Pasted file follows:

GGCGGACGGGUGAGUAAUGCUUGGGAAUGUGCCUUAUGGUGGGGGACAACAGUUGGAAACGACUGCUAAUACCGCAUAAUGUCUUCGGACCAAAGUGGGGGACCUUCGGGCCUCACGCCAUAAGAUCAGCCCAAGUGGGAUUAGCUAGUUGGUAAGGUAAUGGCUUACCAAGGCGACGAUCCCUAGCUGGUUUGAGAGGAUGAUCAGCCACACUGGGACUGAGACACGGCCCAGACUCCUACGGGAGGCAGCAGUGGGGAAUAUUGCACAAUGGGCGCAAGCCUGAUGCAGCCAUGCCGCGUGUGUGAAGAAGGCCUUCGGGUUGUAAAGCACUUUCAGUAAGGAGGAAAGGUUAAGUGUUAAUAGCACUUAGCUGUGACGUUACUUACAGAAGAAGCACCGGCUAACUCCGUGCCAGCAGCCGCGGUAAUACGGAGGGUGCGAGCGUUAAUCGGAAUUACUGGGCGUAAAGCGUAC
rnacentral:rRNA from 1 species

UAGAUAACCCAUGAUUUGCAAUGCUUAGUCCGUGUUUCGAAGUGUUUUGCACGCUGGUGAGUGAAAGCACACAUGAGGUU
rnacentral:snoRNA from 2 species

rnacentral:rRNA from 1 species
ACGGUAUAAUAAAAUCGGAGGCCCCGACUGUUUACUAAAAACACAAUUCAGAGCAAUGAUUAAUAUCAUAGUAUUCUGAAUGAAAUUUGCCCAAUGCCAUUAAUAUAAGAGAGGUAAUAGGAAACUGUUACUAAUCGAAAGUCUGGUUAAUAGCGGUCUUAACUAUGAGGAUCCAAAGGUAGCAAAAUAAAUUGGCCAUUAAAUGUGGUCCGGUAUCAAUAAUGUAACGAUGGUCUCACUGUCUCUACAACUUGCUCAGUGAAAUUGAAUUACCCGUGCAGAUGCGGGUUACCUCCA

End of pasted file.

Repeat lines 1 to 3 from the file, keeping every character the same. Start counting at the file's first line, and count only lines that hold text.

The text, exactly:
GGCGGACGGGUGAGUAAUGCUUGGGAAUGUGCCUUAUGGUGGGGGACAACAGUUGGAAACGACUGCUAAUACCGCAUAAUGUCUUCGGACCAAAGUGGGGGACCUUCGGGCCUCACGCCAUAAGAUCAGCCCAAGUGGGAUUAGCUAGUUGGUAAGGUAAUGGCUUACCAAGGCGACGAUCCCUAGCUGGUUUGAGAGGAUGAUCAGCCACACUGGGACUGAGACACGGCCCAGACUCCUACGGGAGGCAGCAGUGGGGAAUAUUGCACAAUGGGCGCAAGCCUGAUGCAGCCAUGCCGCGUGUGUGAAGAAGGCCUUCGGGUUGUAAAGCACUUUCAGUAAGGAGGAAAGGUUAAGUGUUAAUAGCACUUAGCUGUGACGUUACUUACAGAAGAAGCACCGGCUAACUCCGUGCCAGCAGCCGCGGUAAUACGGAGGGUGCGAGCGUUAAUCGGAAUUACUGGGCGUAAAGCGUAC
rnacentral:rRNA from 1 species

UAGAUAACCCAUGAUUUGCAAUGCUUAGUCCGUGUUUCGAAGUGUUUUGCACGCUGGUGAGUGAAAGCACACAUGAGGUU